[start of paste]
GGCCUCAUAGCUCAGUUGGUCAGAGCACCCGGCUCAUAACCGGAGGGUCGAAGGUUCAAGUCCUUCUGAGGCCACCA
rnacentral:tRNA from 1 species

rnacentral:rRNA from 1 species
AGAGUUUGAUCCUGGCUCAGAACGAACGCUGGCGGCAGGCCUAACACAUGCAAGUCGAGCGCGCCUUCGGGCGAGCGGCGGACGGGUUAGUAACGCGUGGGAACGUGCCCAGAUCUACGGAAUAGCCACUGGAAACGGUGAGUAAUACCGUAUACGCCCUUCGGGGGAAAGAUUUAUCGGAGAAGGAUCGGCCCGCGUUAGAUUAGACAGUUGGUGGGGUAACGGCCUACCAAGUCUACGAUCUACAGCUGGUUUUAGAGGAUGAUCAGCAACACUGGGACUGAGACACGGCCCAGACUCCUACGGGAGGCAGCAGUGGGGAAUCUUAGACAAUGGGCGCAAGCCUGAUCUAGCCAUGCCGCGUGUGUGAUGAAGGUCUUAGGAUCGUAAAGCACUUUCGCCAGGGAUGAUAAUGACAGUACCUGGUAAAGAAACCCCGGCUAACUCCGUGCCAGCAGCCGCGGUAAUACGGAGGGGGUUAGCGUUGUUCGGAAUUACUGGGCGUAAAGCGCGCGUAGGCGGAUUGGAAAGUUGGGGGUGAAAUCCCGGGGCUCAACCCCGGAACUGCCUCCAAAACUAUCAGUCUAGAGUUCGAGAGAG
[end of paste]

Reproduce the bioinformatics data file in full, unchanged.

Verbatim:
GGCCUCAUAGCUCAGUUGGUCAGAGCACCCGGCUCAUAACCGGAGGGUCGAAGGUUCAAGUCCUUCUGAGGCCACCA
rnacentral:tRNA from 1 species

rnacentral:rRNA from 1 species
AGAGUUUGAUCCUGGCUCAGAACGAACGCUGGCGGCAGGCCUAACACAUGCAAGUCGAGCGCGCCUUCGGGCGAGCGGCGGACGGGUUAGUAACGCGUGGGAACGUGCCCAGAUCUACGGAAUAGCCACUGGAAACGGUGAGUAAUACCGUAUACGCCCUUCGGGGGAAAGAUUUAUCGGAGAAGGAUCGGCCCGCGUUAGAUUAGACAGUUGGUGGGGUAACGGCCUACCAAGUCUACGAUCUACAGCUGGUUUUAGAGGAUGAUCAGCAACACUGGGACUGAGACACGGCCCAGACUCCUACGGGAGGCAGCAGUGGGGAAUCUUAGACAAUGGGCGCAAGCCUGAUCUAGCCAUGCCGCGUGUGUGAUGAAGGUCUUAGGAUCGUAAAGCACUUUCGCCAGGGAUGAUAAUGACAGUACCUGGUAAAGAAACCCCGGCUAACUCCGUGCCAGCAGCCGCGGUAAUACGGAGGGGGUUAGCGUUGUUCGGAAUUACUGGGCGUAAAGCGCGCGUAGGCGGAUUGGAAAGUUGGGGGUGAAAUCCCGGGGCUCAACCCCGGAACUGCCUCCAAAACUAUCAGUCUAGAGUUCGAGAGAG